5 Questions With Jombi

By Zachary Corsa

To call the history of music in Memphis ‘storied’ would be a parody of an understatement, but there’s still the occasional sound or approach we don’t often hear from a homegrown artist in the Bluff City. Jombi are a newer Memphian outfit making considerable waves for dwelling at the intersection of not one but two sounds that are fairly novel for the region – cosmic guitar-jam explorations and beguiling indie-pop. With nimble instrumentation and a curious spirit, Jombi are rewriting what it means to be a ‘Memphis band’. Earlier this month, they released their debut album “Jombi Presents…,” which seemed like a great reason to sit down with them to ask five of our burning questions.

What are a few your wider goals concerning Jombi in 2022, and in the future?

We plan to release a second album, get some gigs outside of Memphis, and continue growing our fanbase.

When forming Jombi, did you have a specific direction in mind, genre-wise, to pursue? Or was it designed as an open-ended sonic experiment from the beginning?

When we started the band, we knew we wanted to write original music, but we didn’t know what type of music it would be until we started playing together. Our chemistry and ability led us to pursue a more technical and improvised live show, but we still had to develop as songwriters. That’s the thing we knew we had to work on, and currently we’ve been working on songwriting the most.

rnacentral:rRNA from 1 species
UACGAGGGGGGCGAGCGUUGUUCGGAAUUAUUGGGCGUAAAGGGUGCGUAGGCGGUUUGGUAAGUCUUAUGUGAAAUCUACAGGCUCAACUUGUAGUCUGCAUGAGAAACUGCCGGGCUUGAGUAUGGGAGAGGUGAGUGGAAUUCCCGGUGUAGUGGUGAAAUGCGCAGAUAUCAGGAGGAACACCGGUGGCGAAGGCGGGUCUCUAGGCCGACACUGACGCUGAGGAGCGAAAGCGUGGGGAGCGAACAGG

Does being a Memphis band, with all the complications and weighty history that descriptor implies, directly influence you as musicians and/or songwriters in any real way?

We would say as musicians yes, but as songwriters not really. Our local influence is undeniable but it mostly comes from our mentors who are involved with the Memphis scene, past and present. Seeing what they do motivates us to go out and do it, but our musical influences range far and beyond Memphis. As for the history, we can only hope to live up to it.

With shows starting to come back as the COVID pandemic gradually winds down, how crucial is live performance to your group personally, and also re: their place in our culture?

We started the band as COVID seemed to be dying down and the rise of a new Memphis scene was coming out of it. After seeing it firsthand, we joined it. We would not exist as a band without live performance. It is everything we do. It’s how we make money, it’s how we gain fans. 


Lastly, the term “jam band” is a controversial one, but where do you feel that bands such as yours, who tend to exist in a space where free jazz improvisation meets psychedelic head trips, fits into the wider Memphis music scene?

Our band can be categorized as a jam band in a broad sense, but when it gets boiled down we are a rock band who likes to do live improvisation. Some people enjoy it, some people do not. We try to find a balance with it in our live and studio work but it is never at the forefront. We want to write great songs before we do anything else. If improvisation feels natural inside that song, we’ll go for it.


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